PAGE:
Silent As Glue
The works in Silent As Glue are deceptively simple. They are the results of large doses of intuition, a dialogue with art history, a play between restraint and love of materials, and the ambition of the artists to surprise and delight themselves and others.
There is a confidence in these works that is reassuring. It comes from both questioning what has been made before and a commitment to moving forward. It is about bringing new images to life that are both of the world and of the artists’ singular imaginations. Each of the artists has a sensibility that has been finely honed over decades, resonating between an appreciation of humble, quotidian materials and a need to re-shape them into something that is both familiar and awkward at the same time—objects and images that one has never seen before, rich with references and allusions to the built world. They are evocative and open-ended in the same way that a great song can be.
How to join one thing to another; which colour, if any, to choose; how many different materials to use; how much of that material to include; will it sit, lean or hang?—these are the kinds of questions that Lynda Gammon, Matt Harle and Elspeth Pratt ask themselves every day in their studios. The answers to these questions and more are revealed in their respective works. The nature of their responses is the subject of this exhibition.
I was listening to “Night” by Bill Callahan when I was developing the idea for this exhibition and the song’s simple refrain—“Silent as glue”—was a haunting presence. It seemed like an appropriate title for the show, as I knew that these three artists were no strangers to the power of that magical bonding agent. I also loved that the phrase was made of just three words, mirroring the number of artists and indicative of the poetic nature of the works in the exhibition.
I have known and admired each of these artists for a long time and have always felt that there was a powerful connection between how they brought objects into the world. I hoped that their overlapping sensibilities would be amplified if one were able to experience a careful selection of their works in a shared space. This exhibition is the result of that desire.
Silent As Glue is organized by Oakville Galleries and curated by Micah Lexier.
Lynda Gammon studied at the University of British Columbia, holds a BA from Simon Fraser University and an MFA from York University. Her work has been exhibited nationally and internationally. She is an Associate Professor in the Visual Arts Department at the University of Victoria. In 2004 Gammon established flask (www.flaskpublishing.com), which is dedicated to the production and publication of books by artists and writers.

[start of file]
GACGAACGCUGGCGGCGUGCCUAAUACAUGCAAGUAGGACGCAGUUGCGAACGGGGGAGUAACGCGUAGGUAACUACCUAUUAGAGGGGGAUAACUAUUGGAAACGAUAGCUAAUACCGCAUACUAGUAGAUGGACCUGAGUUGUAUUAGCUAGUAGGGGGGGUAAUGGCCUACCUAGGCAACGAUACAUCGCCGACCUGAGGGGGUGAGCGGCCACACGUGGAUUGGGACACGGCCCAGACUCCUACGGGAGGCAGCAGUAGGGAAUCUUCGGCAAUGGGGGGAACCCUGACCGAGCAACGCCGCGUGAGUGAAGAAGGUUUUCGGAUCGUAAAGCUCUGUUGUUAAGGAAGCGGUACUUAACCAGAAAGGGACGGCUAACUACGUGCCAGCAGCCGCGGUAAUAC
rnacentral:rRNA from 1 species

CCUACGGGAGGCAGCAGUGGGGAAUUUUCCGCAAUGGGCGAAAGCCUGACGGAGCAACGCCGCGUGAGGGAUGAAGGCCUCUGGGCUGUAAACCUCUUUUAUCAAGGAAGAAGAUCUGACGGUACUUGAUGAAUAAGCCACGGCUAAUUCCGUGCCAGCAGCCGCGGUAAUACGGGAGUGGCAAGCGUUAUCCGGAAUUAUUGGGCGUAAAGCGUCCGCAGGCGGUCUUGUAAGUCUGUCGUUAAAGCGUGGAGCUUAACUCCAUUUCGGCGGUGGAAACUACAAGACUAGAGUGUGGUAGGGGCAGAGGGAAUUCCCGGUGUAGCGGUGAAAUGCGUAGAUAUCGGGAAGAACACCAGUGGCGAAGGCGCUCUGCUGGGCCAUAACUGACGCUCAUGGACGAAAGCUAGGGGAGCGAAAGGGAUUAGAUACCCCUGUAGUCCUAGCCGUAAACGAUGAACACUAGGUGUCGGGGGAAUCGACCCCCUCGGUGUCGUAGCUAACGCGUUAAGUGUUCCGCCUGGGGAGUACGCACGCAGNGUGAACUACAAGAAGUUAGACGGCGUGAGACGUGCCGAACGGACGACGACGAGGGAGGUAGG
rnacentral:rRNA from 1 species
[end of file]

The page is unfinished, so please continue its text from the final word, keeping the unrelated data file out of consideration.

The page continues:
Matt Harle lives and works in Beacon, New York, and has exhibited widely in the U.S. He has been the recipient of numerous awards and fellowships, including grants from the Guggenheim and Pollock-Krasner foundations. More information about his work can be found at mattharle.blogspot.com.
Elspeth Pratt is interested in architecture, the character of materiality, the value of the everyday, and the politics of location. She has been exhibiting since the early 1980s in Canada and abroad. Her work has most recently exhibited at Blanket Gallery (2009), Diaz Contemporary (2008), Charles H. Scott Gallery (2008), and the Contemporary Art Gallery, Vancouver (2007). Her work is represented by Diaz Contemporary in Toronto.
Micah Lexier is a Winnipeg-born, Toronto-based artist. He curates occasionally and collects often, generally items made of paper, including out-of-print conceptual art documents, printed cardboard boxes and various items found on the street. He has a deep interest in measurement, numbers and the kinds of casual marks we make in our day-to-day lives. Lexier has presented over ninety solo exhibitions, participated in over 150 group exhibitions and produced a dozen public commissions. He is represented in Toronto by Birch Libralato, in Calgary by TrepanierBaer and in Berlin by the Gitte Weise Galerie. More information can be found at micahlexier.com.
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